One can consider the previously mentioned challenges and prepare oneself, in order to face them. To deal effectively with potential resentment, Wang and Chan offer the following solution: "The constant service approach seeks to work outside of church structures by involving and empowering Christian professionals and business people in China. These individuals make significant professional and economic contributions to the country, while regularly rubbing shoulders with their Chinese counterparts. It is expected that this continuous service approach will ultimately affect the attitudes of government leaders, which will instil more hope and confidence in Christianity”[22]. In fact, this is missionary advice given for the country as a whole, but it can also be applied to specific unreached people groups, such as the Achang. In general, evangelism crusades can be very effective because they create the atmosphere necessary for sharing the gospel message. Of course, this approach has been used in the past by other missionary leaders, such as William Carey in India, and has proven effective[23]. Imbued with the importance of evangelism crusades, Earley and Wheeler add : “Evangelism movements are combinations of simple acts of thoughtfulness and deliberate sharing of the gospel. The task of evangelization presupposes the voluntary sharing of the Word of God by putting love into action »[24].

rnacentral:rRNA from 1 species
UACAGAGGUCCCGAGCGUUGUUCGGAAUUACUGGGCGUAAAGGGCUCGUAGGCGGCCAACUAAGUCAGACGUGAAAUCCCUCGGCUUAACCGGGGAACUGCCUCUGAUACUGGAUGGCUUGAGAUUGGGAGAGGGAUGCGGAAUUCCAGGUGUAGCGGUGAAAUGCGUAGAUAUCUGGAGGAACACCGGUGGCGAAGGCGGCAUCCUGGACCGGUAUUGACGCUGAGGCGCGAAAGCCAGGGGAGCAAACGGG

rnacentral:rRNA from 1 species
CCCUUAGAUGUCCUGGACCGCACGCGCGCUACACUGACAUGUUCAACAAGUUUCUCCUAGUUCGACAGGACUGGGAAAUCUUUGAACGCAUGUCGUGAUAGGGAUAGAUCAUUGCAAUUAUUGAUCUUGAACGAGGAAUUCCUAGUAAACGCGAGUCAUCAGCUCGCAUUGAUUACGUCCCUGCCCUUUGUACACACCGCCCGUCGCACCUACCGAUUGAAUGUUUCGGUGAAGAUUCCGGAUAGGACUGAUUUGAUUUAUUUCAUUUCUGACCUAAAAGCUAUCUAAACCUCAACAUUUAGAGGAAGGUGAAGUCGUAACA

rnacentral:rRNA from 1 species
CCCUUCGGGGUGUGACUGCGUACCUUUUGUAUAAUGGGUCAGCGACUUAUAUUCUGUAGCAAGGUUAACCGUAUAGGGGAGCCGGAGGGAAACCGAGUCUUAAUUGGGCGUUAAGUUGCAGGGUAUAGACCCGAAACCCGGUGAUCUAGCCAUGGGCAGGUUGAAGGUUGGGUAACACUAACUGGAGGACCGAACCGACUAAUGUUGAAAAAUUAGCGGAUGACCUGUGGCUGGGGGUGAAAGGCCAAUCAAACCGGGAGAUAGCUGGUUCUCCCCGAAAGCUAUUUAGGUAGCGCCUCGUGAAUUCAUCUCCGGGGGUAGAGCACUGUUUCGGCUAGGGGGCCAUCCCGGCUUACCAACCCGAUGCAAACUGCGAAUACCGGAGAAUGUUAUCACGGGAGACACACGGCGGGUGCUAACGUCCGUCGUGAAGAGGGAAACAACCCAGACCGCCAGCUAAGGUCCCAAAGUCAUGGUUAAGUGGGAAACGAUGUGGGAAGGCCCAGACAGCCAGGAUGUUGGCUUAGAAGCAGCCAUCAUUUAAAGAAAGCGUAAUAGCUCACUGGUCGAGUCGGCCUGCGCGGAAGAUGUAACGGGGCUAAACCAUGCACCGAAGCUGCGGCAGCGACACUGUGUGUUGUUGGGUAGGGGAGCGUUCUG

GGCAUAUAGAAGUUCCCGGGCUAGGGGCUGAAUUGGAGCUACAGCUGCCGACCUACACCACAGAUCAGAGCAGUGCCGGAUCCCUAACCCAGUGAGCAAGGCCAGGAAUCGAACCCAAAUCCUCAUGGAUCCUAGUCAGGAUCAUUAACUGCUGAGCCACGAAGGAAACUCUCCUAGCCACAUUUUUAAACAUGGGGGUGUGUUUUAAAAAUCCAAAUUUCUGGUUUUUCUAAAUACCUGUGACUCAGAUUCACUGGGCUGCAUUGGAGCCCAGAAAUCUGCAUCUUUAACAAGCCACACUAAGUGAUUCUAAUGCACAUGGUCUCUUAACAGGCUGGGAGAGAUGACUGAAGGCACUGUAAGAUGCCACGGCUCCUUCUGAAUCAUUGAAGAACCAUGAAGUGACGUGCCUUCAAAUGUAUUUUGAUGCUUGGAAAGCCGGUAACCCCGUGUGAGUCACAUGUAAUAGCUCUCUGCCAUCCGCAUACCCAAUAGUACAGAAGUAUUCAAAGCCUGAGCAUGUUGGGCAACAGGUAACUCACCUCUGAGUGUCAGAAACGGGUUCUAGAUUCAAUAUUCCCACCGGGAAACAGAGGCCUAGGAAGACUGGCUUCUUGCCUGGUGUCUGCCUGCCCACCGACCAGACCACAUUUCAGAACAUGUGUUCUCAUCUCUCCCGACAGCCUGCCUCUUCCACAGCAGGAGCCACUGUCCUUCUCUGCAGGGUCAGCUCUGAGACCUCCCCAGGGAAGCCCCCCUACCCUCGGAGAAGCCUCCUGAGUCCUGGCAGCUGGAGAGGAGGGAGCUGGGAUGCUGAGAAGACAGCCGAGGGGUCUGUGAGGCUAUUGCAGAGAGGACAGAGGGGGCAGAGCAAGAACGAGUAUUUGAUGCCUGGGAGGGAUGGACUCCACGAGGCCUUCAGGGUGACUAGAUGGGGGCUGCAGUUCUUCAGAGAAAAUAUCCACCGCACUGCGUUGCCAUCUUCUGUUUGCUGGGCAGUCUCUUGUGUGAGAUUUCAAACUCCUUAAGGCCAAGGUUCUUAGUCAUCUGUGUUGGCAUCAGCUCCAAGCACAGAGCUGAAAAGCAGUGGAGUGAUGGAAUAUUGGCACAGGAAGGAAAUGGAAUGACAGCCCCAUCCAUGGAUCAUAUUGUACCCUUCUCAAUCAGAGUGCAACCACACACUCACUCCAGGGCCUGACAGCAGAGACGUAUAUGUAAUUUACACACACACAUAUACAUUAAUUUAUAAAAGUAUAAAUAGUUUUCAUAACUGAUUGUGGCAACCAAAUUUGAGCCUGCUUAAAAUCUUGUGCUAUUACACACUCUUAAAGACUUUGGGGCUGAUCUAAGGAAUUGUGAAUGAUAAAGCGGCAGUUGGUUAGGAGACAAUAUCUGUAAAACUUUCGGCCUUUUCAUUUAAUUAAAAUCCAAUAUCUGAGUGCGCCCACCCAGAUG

Indeed, it is believed that a similar strategy and method of evangelism can be applied to evangelize various unreached people groups in areas of the 10/40 Window, and elsewhere in the world. Once this approach has been applied successfully, appropriate church planting activities should be implemented. Missionary groups can begin by establishing house churches for the purpose of educating and training new converts, so they can become true disciples of Jesus Christ.




In summary, it should be noted that the Church has an enormous responsibility. This obligation anchored in the authority conferred by the mandate of the Great Commission of Jesus Christ to bring the gospel of the Kingdom of God to all nations and peoples. Tremendous efforts have been made to carry the message of the Lord to many nations throughout the world. However, there are still many groups of individuals who are not yet affected in many countries around the world. Therefore, based on the available statistical data that counts the various unreached or neglected people groups in the world, it can reasonably be said that the Church is not fulfilling its mission to carry the message to all nations and to all groups. Notwithstanding some apparent challenges, there is a strong belief that the Church could, with strength and conviction, do better in terms of fulfilling the Great Commission of Jesus Christ. At the end of our reflection, it is important to note that the Church has not yet succeeded in discovering the methods of evangelism which would enable it to target and evangelize successfully these groups of unreached people throughout the world. Recognizing this reality, it is suggested that research into an effective evangelistic strategy and ameliorative methods that can bring the gospel of the Lord to the various present unreached people groups in the world is needed.


​Raynold Milfort, M. Div,

Liberty University


​ ____________________________________________________________________
*Quotes are in English. Translations from English to French are by Paul Décius, student at the University of Ottawa.

[1] Joshua Project - Accessed September 9, 2013.

[2] House2Havest - Accessed September 9, 2013.